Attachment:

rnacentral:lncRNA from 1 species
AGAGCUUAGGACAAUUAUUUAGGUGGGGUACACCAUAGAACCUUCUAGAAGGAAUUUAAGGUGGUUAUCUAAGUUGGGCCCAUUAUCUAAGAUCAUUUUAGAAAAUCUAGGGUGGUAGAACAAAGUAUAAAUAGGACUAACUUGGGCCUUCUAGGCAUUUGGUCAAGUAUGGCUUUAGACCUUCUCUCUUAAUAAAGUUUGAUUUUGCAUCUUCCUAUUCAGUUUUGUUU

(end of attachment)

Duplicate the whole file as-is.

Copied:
rnacentral:lncRNA from 1 species
AGAGCUUAGGACAAUUAUUUAGGUGGGGUACACCAUAGAACCUUCUAGAAGGAAUUUAAGGUGGUUAUCUAAGUUGGGCCCAUUAUCUAAGAUCAUUUUAGAAAAUCUAGGGUGGUAGAACAAAGUAUAAAUAGGACUAACUUGGGCCUUCUAGGCAUUUGGUCAAGUAUGGCUUUAGACCUUCUCUCUUAAUAAAGUUUGAUUUUGCAUCUUCCUAUUCAGUUUUGUUU